Words by Dr Prashant Rijal
A one year old boy from Kathmandu, presented at GIH with a history of cough, fever, difficulty in breathing for two days. His physical examination revealed a very severe chest wall in drawing and head nodding, high grade fever and low oxygen level. Chest X ray showed pneumonia.
Hence, he was immediately admitted to PICU with severe pneumonia and discharged in a normal condition. A 9 months old baby was brought to GIH with complaints of cough, fever, difficulty in breathing, vomiting and diarrhea from thelast 5 days. The parents had come to GIH after failed treatment at another hospital.
His physical examination showed temperature 102°F with fast breathing and chest X-ray revealed pneumonia. Hence, he was admitted and treated in the hospital. Cases as such are fairly common in kids and pneumonia the lung infection is generally more common in children below 5 years of age.
In this article we talk about the causes of pneumonia in children, its transmission, the symptoms, diagnosis, treatment and prevention of the disease.
The lungs are made up of small sacs called alveoli, which fill with air when a healthy person breathes. When an individual has pneumonia, the alveoli are filled with pus and fluid, which makes breathing painful and limits oxygen intake. It can be mild or serious. Pneumonia is the single largest infectious cause of death in
children worldwide. As per WHO data Pneumonia killed 7,40,180 children under the age of 5 in 2019, accounting for 14% of all deaths of children under 5 years old but 22% of all deaths in children aged 1 to 5 years. Pneumonia affects children and families everywhere, but deaths are highest in southern Asia and sub-Saharan Africa. Children can be protected from pneumonia, it can be prevented with simple interventions, and it can be treated with low-cost, low-tech medication and care.
What causes pneumonia in a child?
Pneumonia is most often caused by bacteria or viruses. Some of these bacteria and viruses can be spread by direct contact with a person who is already infected with them. Common bacteria and viruses that may cause pneumonia are: Streptococcus pneumonia Mycoplasma pneumonia.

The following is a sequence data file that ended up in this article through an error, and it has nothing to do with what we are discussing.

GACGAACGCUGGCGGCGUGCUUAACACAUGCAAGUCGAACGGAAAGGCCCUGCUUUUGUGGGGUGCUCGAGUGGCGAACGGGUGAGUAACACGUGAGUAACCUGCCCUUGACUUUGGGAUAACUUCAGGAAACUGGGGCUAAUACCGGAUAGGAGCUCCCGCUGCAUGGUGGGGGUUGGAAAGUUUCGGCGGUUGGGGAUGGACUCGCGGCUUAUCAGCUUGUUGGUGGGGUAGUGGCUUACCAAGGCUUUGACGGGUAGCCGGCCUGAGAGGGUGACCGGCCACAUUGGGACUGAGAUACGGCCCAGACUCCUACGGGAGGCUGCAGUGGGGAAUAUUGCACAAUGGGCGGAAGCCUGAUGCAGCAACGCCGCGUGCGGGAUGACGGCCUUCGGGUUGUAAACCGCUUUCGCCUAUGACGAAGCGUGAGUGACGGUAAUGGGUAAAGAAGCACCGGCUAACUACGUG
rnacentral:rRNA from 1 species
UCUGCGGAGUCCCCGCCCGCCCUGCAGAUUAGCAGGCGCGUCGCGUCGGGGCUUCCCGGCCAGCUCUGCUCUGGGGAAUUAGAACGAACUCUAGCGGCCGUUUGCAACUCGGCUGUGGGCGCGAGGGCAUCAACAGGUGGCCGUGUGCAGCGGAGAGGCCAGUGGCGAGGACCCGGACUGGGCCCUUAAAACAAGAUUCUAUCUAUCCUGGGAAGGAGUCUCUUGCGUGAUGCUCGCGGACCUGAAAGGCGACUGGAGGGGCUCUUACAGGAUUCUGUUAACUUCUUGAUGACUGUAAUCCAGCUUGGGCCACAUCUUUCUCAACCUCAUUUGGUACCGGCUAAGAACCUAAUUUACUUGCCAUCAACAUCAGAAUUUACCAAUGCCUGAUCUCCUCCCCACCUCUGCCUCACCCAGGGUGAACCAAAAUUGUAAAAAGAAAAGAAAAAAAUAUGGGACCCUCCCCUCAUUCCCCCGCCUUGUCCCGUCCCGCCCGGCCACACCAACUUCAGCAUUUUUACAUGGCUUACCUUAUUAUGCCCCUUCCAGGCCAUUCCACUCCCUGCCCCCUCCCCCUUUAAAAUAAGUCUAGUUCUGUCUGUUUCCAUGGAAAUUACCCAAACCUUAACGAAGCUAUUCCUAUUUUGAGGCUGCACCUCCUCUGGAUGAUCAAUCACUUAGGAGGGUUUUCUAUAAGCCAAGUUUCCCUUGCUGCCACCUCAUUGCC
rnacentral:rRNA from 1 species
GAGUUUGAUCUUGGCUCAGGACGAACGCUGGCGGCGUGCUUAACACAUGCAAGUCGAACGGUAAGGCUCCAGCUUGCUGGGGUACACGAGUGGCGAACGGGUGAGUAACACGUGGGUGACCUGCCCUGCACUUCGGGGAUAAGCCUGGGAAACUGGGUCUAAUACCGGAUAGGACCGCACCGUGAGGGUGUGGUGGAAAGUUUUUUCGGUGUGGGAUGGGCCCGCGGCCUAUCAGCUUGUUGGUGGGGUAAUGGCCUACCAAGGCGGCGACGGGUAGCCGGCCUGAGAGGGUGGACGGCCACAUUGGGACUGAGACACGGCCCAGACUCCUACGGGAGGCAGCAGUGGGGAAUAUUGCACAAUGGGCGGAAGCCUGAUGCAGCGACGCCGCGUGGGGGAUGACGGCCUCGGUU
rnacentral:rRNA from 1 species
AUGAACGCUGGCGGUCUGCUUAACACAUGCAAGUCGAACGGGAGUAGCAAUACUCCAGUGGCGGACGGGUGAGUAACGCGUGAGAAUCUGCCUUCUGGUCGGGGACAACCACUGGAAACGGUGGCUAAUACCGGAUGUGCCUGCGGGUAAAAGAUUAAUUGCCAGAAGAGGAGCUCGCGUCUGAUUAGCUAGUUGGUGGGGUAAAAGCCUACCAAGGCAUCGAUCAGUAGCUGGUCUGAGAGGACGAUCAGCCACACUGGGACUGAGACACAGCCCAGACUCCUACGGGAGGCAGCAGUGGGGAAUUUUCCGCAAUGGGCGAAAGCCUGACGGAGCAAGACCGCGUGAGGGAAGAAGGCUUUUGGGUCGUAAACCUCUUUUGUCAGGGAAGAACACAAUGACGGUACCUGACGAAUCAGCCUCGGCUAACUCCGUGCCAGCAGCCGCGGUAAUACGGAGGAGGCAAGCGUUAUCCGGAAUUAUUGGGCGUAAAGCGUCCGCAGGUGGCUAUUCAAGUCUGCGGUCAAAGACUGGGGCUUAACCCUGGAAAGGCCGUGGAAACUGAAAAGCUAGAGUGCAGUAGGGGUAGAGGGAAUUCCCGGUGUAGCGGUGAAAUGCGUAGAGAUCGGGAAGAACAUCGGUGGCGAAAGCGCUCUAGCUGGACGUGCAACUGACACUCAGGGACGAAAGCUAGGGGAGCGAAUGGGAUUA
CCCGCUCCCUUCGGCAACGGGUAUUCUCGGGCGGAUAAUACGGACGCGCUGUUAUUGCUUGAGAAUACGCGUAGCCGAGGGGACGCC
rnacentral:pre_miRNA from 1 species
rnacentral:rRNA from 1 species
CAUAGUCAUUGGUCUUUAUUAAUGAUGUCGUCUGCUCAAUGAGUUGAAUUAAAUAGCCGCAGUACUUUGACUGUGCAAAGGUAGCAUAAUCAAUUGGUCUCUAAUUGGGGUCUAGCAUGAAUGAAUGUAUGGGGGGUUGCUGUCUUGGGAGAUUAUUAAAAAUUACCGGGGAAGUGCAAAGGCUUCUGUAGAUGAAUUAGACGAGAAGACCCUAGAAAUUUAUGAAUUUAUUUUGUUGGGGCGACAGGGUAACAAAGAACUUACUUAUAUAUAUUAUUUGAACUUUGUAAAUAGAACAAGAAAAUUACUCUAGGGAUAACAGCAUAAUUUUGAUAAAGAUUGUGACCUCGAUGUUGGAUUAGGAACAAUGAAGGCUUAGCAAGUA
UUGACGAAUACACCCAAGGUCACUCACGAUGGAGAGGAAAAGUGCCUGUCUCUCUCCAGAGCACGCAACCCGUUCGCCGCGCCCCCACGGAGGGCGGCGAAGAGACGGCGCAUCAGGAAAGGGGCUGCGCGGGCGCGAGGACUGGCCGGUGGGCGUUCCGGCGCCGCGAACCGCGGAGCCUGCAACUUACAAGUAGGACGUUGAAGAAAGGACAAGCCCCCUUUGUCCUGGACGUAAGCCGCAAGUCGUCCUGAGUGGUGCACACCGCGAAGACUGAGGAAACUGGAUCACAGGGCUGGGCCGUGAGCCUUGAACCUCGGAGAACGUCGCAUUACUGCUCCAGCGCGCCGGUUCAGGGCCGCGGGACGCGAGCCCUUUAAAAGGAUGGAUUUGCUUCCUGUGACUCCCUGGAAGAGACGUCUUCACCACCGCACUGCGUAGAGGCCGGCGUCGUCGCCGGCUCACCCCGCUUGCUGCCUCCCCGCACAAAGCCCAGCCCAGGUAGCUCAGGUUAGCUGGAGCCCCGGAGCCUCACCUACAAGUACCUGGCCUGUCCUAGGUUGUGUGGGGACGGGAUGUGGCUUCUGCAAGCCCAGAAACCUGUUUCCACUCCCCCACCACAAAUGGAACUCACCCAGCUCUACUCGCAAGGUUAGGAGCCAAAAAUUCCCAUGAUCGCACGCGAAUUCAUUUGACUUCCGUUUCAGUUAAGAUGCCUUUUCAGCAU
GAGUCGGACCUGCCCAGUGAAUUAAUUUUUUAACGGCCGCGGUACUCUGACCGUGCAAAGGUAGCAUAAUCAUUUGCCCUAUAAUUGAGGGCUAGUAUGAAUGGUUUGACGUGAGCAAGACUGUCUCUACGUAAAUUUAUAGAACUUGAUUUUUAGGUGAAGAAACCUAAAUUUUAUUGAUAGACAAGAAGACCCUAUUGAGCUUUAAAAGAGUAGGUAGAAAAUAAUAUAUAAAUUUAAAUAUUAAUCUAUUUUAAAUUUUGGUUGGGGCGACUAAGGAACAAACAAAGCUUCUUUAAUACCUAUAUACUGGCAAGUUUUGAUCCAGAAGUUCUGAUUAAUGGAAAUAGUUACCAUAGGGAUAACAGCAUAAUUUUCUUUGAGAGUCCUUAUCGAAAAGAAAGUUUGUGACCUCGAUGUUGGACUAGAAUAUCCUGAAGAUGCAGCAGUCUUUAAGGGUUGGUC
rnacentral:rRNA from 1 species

This often causes a mild form of the illness called walking pneumonia. Mycobacterium Tuberculosis Group B streptococcus Staphylococcus aureus Respiratory syncytial virus (RSV). This is most often seen in children younger than 5 years old. Parainfluenza virus Influenza virus Adenovirus Corona Virus Pneumonia may sometimes be caused by fungi too.
Pneumonia can be spread in several ways. The viruses and bacteria that are commonly found in a child’s nose or throat can infect the lungs if they are inhaled. They may also spread via air-borne droplets from a cough or sneeze. In addition, pneumonia may spread through blood, especially during and shortly after birth.
Is my child at risk for pneumonia?
While most healthy children can fight the infection with their natural defenses, children whose immune systems are compromised are at higher risk of developing pneumonia. A child is more likely to get pneumonia if he or she has:
Weak immune system, due to malnutrition or undernourishment, especially in infants who are not exclusively breastfed Low birth weight and premature babies Ongoing (chronic) health problem, such as asthma or cystic fibrosis Unvaccinated children Problems with the lungs or airways Pre-existing illnesses, such as symptomatic HIV infections and measles, also increase a child’s risk of contracting pneumonia.
The following environmental factors also increase a child’s susceptibility to pneumonia: –
- Indoor air pollution caused by cooking and heating with biomass fuels (such as wood or dung)
- Living in crowded homes
- Parental smoking
In addition, children younger than 1 year old are at risk if they are around secondhand tobacco smoke. This is especially true if their mother smokes.
What are the symptoms of pneumonia in a child?
Symptoms of pneumonia may be a bit different for each child. They may also depend on what is causing the pneumonia. Cases of bacterial pneumonia tend to happen suddenly with these symptoms: Cough that produces mucus Fever Fast or hard breathing Chest indrawing Chest pain (older children) Vomiting or diarrhea Loss of appetite Tiredness (fatigue) Early symptoms of viral pneumonia are the same as those of bacterial pneumonia. But with viral pneumonia, the breathing problems happen slowly.